Estimates of New HIV Infections in the United States, 2006-2009
Today, CDC published the first multi-year estimates from its national HIV incidence surveillance in the online scientific journal PLoS One. This new analysis found that overall, the annual number of new HIV infections in the United States was relatively stable at approximately 50,000 new infections each year between 2006 and 2009. However, HIV infections increased among young men who have sex with men (MSM) between 2006 and 2009, driven by alarming increases among young, black MSM – the only subpopulation to experience a sustained increase during the time period.
To assist with your coverage, you can find additional resources on this new estimate and on the national epidemic below.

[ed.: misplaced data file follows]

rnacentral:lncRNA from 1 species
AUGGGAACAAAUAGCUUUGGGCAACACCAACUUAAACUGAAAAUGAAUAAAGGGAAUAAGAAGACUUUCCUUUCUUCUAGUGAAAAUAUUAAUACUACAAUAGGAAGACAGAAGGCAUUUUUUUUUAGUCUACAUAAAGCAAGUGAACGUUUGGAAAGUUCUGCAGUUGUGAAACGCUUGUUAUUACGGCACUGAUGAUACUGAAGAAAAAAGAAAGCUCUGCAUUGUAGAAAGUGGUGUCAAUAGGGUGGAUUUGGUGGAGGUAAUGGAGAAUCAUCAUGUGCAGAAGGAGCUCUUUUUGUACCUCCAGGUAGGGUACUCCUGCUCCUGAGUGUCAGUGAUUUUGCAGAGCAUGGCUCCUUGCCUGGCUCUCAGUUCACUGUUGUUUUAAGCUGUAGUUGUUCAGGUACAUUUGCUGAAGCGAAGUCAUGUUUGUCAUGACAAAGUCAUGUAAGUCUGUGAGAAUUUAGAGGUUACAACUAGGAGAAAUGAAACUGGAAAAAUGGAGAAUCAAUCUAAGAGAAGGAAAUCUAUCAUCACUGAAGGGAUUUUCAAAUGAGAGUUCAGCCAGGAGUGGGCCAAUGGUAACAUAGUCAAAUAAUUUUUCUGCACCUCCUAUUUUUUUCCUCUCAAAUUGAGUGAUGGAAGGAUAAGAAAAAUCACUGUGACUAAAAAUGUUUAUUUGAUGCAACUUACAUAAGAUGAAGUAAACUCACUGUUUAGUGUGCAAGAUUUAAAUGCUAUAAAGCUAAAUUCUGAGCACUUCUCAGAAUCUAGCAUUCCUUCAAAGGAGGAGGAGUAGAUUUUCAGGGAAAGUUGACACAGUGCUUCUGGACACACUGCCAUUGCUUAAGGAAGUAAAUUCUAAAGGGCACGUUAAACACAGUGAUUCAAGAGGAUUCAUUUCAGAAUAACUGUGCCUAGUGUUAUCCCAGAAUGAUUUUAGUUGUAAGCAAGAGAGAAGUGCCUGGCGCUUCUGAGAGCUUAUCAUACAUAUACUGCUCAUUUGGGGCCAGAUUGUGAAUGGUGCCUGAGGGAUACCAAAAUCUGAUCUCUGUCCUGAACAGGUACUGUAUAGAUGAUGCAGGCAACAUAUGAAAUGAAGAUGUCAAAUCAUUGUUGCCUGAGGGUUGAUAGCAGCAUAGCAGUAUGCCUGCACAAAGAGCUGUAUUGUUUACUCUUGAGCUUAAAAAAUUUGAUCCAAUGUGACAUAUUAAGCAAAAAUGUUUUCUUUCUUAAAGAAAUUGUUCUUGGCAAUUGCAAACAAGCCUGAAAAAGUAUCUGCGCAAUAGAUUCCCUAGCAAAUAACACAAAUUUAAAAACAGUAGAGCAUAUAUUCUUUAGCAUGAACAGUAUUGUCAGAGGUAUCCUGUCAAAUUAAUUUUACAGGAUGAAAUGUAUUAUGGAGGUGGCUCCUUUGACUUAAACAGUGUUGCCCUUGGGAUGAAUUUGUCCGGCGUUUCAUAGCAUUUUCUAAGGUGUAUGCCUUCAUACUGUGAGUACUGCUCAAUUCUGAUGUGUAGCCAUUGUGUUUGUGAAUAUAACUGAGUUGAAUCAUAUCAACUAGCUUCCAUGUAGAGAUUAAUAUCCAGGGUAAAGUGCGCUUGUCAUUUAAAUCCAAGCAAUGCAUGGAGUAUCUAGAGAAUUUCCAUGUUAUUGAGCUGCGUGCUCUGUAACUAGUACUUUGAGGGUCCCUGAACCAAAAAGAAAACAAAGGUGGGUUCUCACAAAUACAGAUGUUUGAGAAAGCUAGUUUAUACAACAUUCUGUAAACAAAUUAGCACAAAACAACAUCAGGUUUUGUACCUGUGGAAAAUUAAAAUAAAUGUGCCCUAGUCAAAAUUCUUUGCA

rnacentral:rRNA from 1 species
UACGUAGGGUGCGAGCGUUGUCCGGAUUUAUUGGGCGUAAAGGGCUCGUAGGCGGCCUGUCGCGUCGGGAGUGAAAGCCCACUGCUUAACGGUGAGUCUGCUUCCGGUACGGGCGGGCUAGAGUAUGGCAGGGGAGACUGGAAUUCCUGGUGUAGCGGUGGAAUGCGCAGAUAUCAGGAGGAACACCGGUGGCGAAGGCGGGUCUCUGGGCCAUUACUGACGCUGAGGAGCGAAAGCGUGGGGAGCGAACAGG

- Fact sheet: Estimates of New HIV Infections in the United States, 2006–2009
- Downloadable graphics for media use/reprint
- Article: Estimated HIV Incidence in the United States, 2006–2009
- Fact sheet: Highlighted CDC HIV Prevention Activities Concerning HIV and African American Gay and Bisexual Men
- Commentary: On theGrio.com, Dr. Kevin Fenton discusses the urgency of confronting stigma head-on so we can begin to reverse trends in new HIV infections among young, black gay men.
- Commentary: On CNN.com, Dr. Jonathan Mermin discusses the critical role of prevention in reversing trends in new HIV infections in the United States.
- Page last reviewed: August 3, 2011
- Page last updated: August 3, 2011
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